Undergraduate Philosophy Courses

PHIL 140 Philosophy

An introduction to methods of critical thinking, and to the major problem areas of philosophy such as epistemology, metaphysics and ethics.

PHIL 180 Critical Thinking

An introductory course exploring the nature and structure of arguments and enhancing reasoning abilities. Students will learn to develop and analyze arguments, identify informal fallacies, differentiate among assumptions, opinions, and facts, and hone critical reading and writing skills.

PHIL 213 History of Philosophy

A survey of the history of Western philosophy from the Renaissance through the nineteenth century, including Hobbes, Descartes, Leibniz, Spinoza, Locke, Berkeley, Hume, Kant, and Hegel.

PHIL 214 Non-Western Philosophy

A survey of non-western philosophy.  Topics will vary by semester but may include epistemology, ethics, and metaphysics as they were approached in India, China, Japan, the Islamic World, and Africa. 

PHIL 218 African American Philosophy

A survey of African American philosophical thought.  The course will explore both the distinctive traditions of African American philosophy as well as the unique contributions made by African Americans to different branches of philosophy.

PHIL 220 Introduction to Logic

An introduction to the methods of elementary formal logic, including traditional syllogistic, Venn diagrams, sentential logic, truth tables, methods of deduction, and inductive reasoning.

PHIL 275 Ethics

An introductory study of the nature, analysis, and justification of moral judgments.

PHIL 280 Medical Ethics

A course designed to introduce students to ethical theories and moral reasoning, which they will then apply to case studies concerning health care, medicine and biotechnology. Students will consider contemporary moral dilemmas that confront health care professionals and scientists, as well as individuals who need to make medical decisions that deal with challenging ethical questions.

PHIL 290 Business Ethics

A course designed to introduce students to ethical theories and moral reasoning which they will then apply to business case studies. Students will consider contemporary moral dilemmas confronting businesses and corporations. They will develop the critical skills needed to analyze complex moral situations and formulate, weigh, discuss and defend appropriate moral solutions.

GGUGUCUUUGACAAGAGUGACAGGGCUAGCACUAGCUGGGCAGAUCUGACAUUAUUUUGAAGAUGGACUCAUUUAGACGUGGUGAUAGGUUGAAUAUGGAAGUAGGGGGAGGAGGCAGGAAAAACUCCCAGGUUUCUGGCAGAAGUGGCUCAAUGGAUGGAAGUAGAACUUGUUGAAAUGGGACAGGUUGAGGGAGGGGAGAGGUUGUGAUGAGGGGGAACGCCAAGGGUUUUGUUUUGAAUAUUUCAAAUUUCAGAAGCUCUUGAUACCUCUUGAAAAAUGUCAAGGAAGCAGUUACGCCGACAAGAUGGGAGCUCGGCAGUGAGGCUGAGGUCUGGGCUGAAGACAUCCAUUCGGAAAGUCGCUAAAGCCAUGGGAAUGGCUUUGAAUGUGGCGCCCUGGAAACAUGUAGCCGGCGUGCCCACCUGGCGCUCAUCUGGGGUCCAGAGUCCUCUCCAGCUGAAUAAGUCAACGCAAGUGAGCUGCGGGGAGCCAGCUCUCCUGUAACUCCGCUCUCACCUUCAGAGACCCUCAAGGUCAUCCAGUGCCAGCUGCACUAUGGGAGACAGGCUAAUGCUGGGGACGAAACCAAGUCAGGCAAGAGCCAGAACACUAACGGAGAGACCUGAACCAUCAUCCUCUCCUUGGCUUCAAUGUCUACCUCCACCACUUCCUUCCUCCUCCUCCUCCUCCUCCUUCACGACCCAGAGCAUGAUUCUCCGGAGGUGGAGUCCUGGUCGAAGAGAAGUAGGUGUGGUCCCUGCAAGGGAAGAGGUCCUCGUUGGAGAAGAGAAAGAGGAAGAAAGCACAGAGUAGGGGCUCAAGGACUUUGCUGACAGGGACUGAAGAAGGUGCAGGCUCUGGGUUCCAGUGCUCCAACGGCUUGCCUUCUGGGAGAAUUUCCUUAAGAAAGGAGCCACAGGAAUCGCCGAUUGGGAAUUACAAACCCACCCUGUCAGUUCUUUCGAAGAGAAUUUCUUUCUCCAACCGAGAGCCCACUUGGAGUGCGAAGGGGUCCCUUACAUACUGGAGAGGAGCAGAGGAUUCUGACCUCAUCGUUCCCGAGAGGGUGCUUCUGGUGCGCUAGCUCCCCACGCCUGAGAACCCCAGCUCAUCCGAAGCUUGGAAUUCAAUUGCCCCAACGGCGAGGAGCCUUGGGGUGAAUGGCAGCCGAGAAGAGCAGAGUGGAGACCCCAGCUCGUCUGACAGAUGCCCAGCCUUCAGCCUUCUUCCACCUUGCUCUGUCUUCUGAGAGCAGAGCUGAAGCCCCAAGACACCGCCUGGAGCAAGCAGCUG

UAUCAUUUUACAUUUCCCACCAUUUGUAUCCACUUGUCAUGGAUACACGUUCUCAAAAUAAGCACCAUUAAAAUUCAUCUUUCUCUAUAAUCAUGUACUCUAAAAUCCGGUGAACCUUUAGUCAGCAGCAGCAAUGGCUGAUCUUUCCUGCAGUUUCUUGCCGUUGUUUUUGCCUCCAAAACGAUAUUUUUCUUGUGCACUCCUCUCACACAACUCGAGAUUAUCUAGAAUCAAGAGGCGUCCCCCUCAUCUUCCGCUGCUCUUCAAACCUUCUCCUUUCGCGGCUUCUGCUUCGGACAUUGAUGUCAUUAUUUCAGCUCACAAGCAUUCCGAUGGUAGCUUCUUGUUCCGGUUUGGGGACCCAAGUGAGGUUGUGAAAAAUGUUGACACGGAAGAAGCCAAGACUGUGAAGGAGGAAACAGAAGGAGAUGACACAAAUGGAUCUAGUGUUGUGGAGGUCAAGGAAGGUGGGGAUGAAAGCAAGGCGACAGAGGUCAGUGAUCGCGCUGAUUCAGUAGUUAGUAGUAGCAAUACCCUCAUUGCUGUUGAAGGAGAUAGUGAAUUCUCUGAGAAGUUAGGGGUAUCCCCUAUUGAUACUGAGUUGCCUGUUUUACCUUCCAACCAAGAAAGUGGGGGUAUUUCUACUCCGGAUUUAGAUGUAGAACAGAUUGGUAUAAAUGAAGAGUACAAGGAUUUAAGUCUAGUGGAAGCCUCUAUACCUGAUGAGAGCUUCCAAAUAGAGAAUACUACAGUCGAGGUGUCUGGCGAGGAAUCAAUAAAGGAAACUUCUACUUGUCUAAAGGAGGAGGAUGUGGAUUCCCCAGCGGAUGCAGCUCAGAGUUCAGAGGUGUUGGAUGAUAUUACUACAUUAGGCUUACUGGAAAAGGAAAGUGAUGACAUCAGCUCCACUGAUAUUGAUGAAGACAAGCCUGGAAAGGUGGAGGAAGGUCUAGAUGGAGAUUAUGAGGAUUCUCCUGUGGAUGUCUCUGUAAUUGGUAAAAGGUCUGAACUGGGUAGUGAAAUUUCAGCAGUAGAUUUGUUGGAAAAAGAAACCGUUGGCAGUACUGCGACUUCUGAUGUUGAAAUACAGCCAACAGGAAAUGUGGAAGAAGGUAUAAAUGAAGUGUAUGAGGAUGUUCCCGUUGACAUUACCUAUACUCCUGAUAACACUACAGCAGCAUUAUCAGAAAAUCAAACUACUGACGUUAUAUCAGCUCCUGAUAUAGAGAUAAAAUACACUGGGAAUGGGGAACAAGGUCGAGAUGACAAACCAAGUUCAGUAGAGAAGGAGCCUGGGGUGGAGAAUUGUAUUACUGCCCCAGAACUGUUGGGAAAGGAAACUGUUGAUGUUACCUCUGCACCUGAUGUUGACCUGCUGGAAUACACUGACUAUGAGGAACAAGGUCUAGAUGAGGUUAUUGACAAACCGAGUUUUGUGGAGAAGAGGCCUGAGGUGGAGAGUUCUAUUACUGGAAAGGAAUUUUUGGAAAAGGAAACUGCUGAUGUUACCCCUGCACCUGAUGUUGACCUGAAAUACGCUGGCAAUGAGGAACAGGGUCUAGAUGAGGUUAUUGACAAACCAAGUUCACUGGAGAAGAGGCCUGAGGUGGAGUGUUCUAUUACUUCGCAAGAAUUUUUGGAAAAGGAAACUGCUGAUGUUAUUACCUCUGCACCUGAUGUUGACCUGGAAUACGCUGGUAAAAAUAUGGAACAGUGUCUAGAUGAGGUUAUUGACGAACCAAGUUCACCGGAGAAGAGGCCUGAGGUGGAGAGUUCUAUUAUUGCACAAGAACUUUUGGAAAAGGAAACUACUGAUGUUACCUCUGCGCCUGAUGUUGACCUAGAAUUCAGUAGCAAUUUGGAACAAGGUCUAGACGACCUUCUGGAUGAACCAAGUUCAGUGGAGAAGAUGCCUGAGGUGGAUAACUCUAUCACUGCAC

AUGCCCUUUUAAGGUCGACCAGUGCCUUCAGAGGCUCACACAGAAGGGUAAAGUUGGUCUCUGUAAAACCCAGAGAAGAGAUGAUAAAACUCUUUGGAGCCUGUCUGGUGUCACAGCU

PHIL 314 Philosophy of Religion

A survey of Eastern and Western religious thought, including the idea of God, knowledge of God, the problem of evil, immortality, and reincarnation.

PHIL 315 African Philosophy

An exploration of metaphysical, epistemological and ethical theories arising from peoples of the African continent. Students will analyze, discuss and compare the differing principles and worldviews of the diverse African societies.

PHIL 323 Readings in Philosophy

A close reading of original philosophical works on an in-depth treatment of a philosophical problem, such as readings in the philosophy of law, Black philosophy, existentialism, the philosophy of language, and symbolic logic.

PHIL 340 Philosophy of Mind

The question ‘what is it to have a mind?’ forms the focus of the course, and the objective is to arrive at an answer by examining the multifarious manifestations of mind. The course is organized around an interdisciplinary approach by incorporating theories from psychology, artificial intelligence and cognitive science.

PHIL 350 Philosophy of Law

An examination of the sources, content and extent of political and moral rights and obligations. Other concepts explored will be autonomy, privacy, freedom of religion, equal opportunity, paternalism, and how these concepts impact issues such as conscientious objection, flag burning, pornography, affirmative action, abortion, and euthanasia. 

PHIL 400 Contemporary Philosophy

A study of twentieth century Western philosophy, including the work of such contemporary philosophers as Russell, Wittgenstein, Pierce, James, Dewey, Heidegger, and Sartre.

PHIL 422 Philosophy of Science

An examination of the fundamental conceptual basis of the sciences, with consideration given to scientific methods of certification, theory construction and explanation, the metaphysical assumptions and implications of scientific theories, and the relations between the scientific and non-scientific views of the world.

PHIL 424 Seminar in Philosophy

An opportunity for students to pursue original research in an area of the instructor’s special interest and study.

PHIL 450 Applied Ethics

An in-depth exploration of moral theory and discussion of its application to broad areas such as business, the environment, or bio-medical issues.

PHIL 460 Epistemology and Metaphysics

An examination of the nature of knowledge and reality. The course covers epistemological issues such as skepticism, analysis of knowledge, relevance of gender and race to understanding and the ethics of belief. It also deals with metaphysical questions about what there is in reality and how the world works by discussion issues like appearance and reality, substance and identify, causation and laws, and space and time.

Minor in Philosophy

The Minor in Philosophy comprises 18 semester hours of philosophy courses with nine semester hours of core courses and nine semester hours of elective philosophy courses. A grade of “C” or better must be obtained in all courses taken.

Core Courses (9 semester hours):

PHIL 140 Introduction to Philosophy

PHIL 220 Logic

One Ethics course:

            PHIL 275 Ethics

            PHIL 280 Medical Ethics

            PHIL 290 Business Ethics

            PHIL 450 Applied Ethics

Elective Courses (9 semester hours):

Three additional philosophy courses are required.